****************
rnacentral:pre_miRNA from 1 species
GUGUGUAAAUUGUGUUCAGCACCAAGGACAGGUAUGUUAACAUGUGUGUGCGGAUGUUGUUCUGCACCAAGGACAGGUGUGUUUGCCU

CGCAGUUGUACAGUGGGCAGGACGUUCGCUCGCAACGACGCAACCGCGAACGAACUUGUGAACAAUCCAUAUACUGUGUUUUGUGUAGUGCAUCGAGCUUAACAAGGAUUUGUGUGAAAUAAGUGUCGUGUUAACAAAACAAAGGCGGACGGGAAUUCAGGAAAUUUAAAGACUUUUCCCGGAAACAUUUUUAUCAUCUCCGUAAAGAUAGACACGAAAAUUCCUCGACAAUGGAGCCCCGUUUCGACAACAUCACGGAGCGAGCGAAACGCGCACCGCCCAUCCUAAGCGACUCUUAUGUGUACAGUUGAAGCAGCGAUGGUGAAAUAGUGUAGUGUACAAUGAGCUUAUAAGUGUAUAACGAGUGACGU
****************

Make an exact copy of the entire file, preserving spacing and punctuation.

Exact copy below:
rnacentral:pre_miRNA from 1 species
GUGUGUAAAUUGUGUUCAGCACCAAGGACAGGUAUGUUAACAUGUGUGUGCGGAUGUUGUUCUGCACCAAGGACAGGUGUGUUUGCCU

CGCAGUUGUACAGUGGGCAGGACGUUCGCUCGCAACGACGCAACCGCGAACGAACUUGUGAACAAUCCAUAUACUGUGUUUUGUGUAGUGCAUCGAGCUUAACAAGGAUUUGUGUGAAAUAAGUGUCGUGUUAACAAAACAAAGGCGGACGGGAAUUCAGGAAAUUUAAAGACUUUUCCCGGAAACAUUUUUAUCAUCUCCGUAAAGAUAGACACGAAAAUUCCUCGACAAUGGAGCCCCGUUUCGACAACAUCACGGAGCGAGCGAAACGCGCACCGCCCAUCCUAAGCGACUCUUAUGUGUACAGUUGAAGCAGCGAUGGUGAAAUAGUGUAGUGUACAAUGAGCUUAUAAGUGUAUAACGAGUGACGU